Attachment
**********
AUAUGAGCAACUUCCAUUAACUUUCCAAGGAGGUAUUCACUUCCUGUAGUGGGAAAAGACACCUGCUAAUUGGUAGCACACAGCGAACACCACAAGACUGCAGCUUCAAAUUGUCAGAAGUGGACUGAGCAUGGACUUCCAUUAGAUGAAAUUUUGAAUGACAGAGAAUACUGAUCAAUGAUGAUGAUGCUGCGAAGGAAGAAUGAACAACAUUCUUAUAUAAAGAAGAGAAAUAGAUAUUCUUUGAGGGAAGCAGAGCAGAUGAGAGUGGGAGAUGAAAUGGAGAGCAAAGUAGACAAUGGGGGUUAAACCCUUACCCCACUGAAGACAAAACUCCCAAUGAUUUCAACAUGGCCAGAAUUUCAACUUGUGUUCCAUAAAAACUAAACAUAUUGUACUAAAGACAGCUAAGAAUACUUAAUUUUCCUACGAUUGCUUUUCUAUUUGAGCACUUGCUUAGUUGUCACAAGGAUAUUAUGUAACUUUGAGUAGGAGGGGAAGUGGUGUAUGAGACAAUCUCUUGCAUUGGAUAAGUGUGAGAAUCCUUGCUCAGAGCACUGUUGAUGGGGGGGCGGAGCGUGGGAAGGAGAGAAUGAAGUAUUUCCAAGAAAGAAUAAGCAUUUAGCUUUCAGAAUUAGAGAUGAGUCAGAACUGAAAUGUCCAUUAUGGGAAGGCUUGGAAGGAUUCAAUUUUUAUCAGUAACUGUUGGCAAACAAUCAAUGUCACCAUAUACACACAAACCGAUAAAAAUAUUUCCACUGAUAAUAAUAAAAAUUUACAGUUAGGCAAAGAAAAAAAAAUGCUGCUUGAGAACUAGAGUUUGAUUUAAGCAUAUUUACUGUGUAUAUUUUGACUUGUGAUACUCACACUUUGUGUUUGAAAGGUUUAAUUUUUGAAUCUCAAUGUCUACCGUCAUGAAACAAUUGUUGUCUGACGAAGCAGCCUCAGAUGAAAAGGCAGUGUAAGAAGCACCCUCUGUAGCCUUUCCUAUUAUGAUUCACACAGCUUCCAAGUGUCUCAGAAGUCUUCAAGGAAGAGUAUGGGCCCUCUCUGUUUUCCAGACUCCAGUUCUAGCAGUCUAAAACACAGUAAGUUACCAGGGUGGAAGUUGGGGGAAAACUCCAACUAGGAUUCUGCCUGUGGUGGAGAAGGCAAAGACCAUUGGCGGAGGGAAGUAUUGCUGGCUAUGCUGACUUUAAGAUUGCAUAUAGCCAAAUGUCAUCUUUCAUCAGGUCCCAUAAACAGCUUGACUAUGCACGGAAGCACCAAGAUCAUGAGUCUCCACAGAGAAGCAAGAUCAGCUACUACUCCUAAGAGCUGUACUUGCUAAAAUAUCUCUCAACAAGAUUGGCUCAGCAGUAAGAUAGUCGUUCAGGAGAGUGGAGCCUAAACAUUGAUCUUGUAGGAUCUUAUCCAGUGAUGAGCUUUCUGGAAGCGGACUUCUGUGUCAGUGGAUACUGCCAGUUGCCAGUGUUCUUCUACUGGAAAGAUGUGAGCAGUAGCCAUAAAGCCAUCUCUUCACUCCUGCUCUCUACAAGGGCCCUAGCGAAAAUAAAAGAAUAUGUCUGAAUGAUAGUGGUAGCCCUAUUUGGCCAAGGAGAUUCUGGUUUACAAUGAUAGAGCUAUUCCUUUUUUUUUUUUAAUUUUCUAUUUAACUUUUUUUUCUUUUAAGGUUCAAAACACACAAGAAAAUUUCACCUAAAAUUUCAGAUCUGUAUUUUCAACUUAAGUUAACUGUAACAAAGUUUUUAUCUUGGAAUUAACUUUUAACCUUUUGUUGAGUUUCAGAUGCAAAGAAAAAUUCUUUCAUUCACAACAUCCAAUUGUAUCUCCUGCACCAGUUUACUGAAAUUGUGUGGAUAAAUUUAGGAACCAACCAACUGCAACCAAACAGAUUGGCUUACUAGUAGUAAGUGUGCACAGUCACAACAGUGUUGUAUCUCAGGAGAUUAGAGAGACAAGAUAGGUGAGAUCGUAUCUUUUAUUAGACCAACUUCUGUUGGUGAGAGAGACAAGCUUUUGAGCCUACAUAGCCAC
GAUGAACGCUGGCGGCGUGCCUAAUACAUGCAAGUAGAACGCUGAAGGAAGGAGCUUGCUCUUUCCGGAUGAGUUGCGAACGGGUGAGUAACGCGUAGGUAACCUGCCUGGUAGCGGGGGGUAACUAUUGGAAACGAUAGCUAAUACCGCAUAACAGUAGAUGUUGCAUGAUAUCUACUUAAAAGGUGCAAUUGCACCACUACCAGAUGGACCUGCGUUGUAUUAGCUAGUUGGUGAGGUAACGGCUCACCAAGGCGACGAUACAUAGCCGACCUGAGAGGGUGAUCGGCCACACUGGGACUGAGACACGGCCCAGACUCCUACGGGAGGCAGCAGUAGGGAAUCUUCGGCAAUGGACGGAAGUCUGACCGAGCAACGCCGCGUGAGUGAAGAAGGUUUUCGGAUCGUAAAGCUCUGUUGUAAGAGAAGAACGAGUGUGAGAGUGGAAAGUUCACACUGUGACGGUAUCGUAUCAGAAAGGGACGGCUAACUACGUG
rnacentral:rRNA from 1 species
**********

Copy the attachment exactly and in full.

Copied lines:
AUAUGAGCAACUUCCAUUAACUUUCCAAGGAGGUAUUCACUUCCUGUAGUGGGAAAAGACACCUGCUAAUUGGUAGCACACAGCGAACACCACAAGACUGCAGCUUCAAAUUGUCAGAAGUGGACUGAGCAUGGACUUCCAUUAGAUGAAAUUUUGAAUGACAGAGAAUACUGAUCAAUGAUGAUGAUGCUGCGAAGGAAGAAUGAACAACAUUCUUAUAUAAAGAAGAGAAAUAGAUAUUCUUUGAGGGAAGCAGAGCAGAUGAGAGUGGGAGAUGAAAUGGAGAGCAAAGUAGACAAUGGGGGUUAAACCCUUACCCCACUGAAGACAAAACUCCCAAUGAUUUCAACAUGGCCAGAAUUUCAACUUGUGUUCCAUAAAAACUAAACAUAUUGUACUAAAGACAGCUAAGAAUACUUAAUUUUCCUACGAUUGCUUUUCUAUUUGAGCACUUGCUUAGUUGUCACAAGGAUAUUAUGUAACUUUGAGUAGGAGGGGAAGUGGUGUAUGAGACAAUCUCUUGCAUUGGAUAAGUGUGAGAAUCCUUGCUCAGAGCACUGUUGAUGGGGGGGCGGAGCGUGGGAAGGAGAGAAUGAAGUAUUUCCAAGAAAGAAUAAGCAUUUAGCUUUCAGAAUUAGAGAUGAGUCAGAACUGAAAUGUCCAUUAUGGGAAGGCUUGGAAGGAUUCAAUUUUUAUCAGUAACUGUUGGCAAACAAUCAAUGUCACCAUAUACACACAAACCGAUAAAAAUAUUUCCACUGAUAAUAAUAAAAAUUUACAGUUAGGCAAAGAAAAAAAAAUGCUGCUUGAGAACUAGAGUUUGAUUUAAGCAUAUUUACUGUGUAUAUUUUGACUUGUGAUACUCACACUUUGUGUUUGAAAGGUUUAAUUUUUGAAUCUCAAUGUCUACCGUCAUGAAACAAUUGUUGUCUGACGAAGCAGCCUCAGAUGAAAAGGCAGUGUAAGAAGCACCCUCUGUAGCCUUUCCUAUUAUGAUUCACACAGCUUCCAAGUGUCUCAGAAGUCUUCAAGGAAGAGUAUGGGCCCUCUCUGUUUUCCAGACUCCAGUUCUAGCAGUCUAAAACACAGUAAGUUACCAGGGUGGAAGUUGGGGGAAAACUCCAACUAGGAUUCUGCCUGUGGUGGAGAAGGCAAAGACCAUUGGCGGAGGGAAGUAUUGCUGGCUAUGCUGACUUUAAGAUUGCAUAUAGCCAAAUGUCAUCUUUCAUCAGGUCCCAUAAACAGCUUGACUAUGCACGGAAGCACCAAGAUCAUGAGUCUCCACAGAGAAGCAAGAUCAGCUACUACUCCUAAGAGCUGUACUUGCUAAAAUAUCUCUCAACAAGAUUGGCUCAGCAGUAAGAUAGUCGUUCAGGAGAGUGGAGCCUAAACAUUGAUCUUGUAGGAUCUUAUCCAGUGAUGAGCUUUCUGGAAGCGGACUUCUGUGUCAGUGGAUACUGCCAGUUGCCAGUGUUCUUCUACUGGAAAGAUGUGAGCAGUAGCCAUAAAGCCAUCUCUUCACUCCUGCUCUCUACAAGGGCCCUAGCGAAAAUAAAAGAAUAUGUCUGAAUGAUAGUGGUAGCCCUAUUUGGCCAAGGAGAUUCUGGUUUACAAUGAUAGAGCUAUUCCUUUUUUUUUUUUAAUUUUCUAUUUAACUUUUUUUUCUUUUAAGGUUCAAAACACACAAGAAAAUUUCACCUAAAAUUUCAGAUCUGUAUUUUCAACUUAAGUUAACUGUAACAAAGUUUUUAUCUUGGAAUUAACUUUUAACCUUUUGUUGAGUUUCAGAUGCAAAGAAAAAUUCUUUCAUUCACAACAUCCAAUUGUAUCUCCUGCACCAGUUUACUGAAAUUGUGUGGAUAAAUUUAGGAACCAACCAACUGCAACCAAACAGAUUGGCUUACUAGUAGUAAGUGUGCACAGUCACAACAGUGUUGUAUCUCAGGAGAUUAGAGAGACAAGAUAGGUGAGAUCGUAUCUUUUAUUAGACCAACUUCUGUUGGUGAGAGAGACAAGCUUUUGAGCCUACAUAGCCAC
GAUGAACGCUGGCGGCGUGCCUAAUACAUGCAAGUAGAACGCUGAAGGAAGGAGCUUGCUCUUUCCGGAUGAGUUGCGAACGGGUGAGUAACGCGUAGGUAACCUGCCUGGUAGCGGGGGGUAACUAUUGGAAACGAUAGCUAAUACCGCAUAACAGUAGAUGUUGCAUGAUAUCUACUUAAAAGGUGCAAUUGCACCACUACCAGAUGGACCUGCGUUGUAUUAGCUAGUUGGUGAGGUAACGGCUCACCAAGGCGACGAUACAUAGCCGACCUGAGAGGGUGAUCGGCCACACUGGGACUGAGACACGGCCCAGACUCCUACGGGAGGCAGCAGUAGGGAAUCUUCGGCAAUGGACGGAAGUCUGACCGAGCAACGCCGCGUGAGUGAAGAAGGUUUUCGGAUCGUAAAGCUCUGUUGUAAGAGAAGAACGAGUGUGAGAGUGGAAAGUUCACACUGUGACGGUAUCGUAUCAGAAAGGGACGGCUAACUACGUG
rnacentral:rRNA from 1 species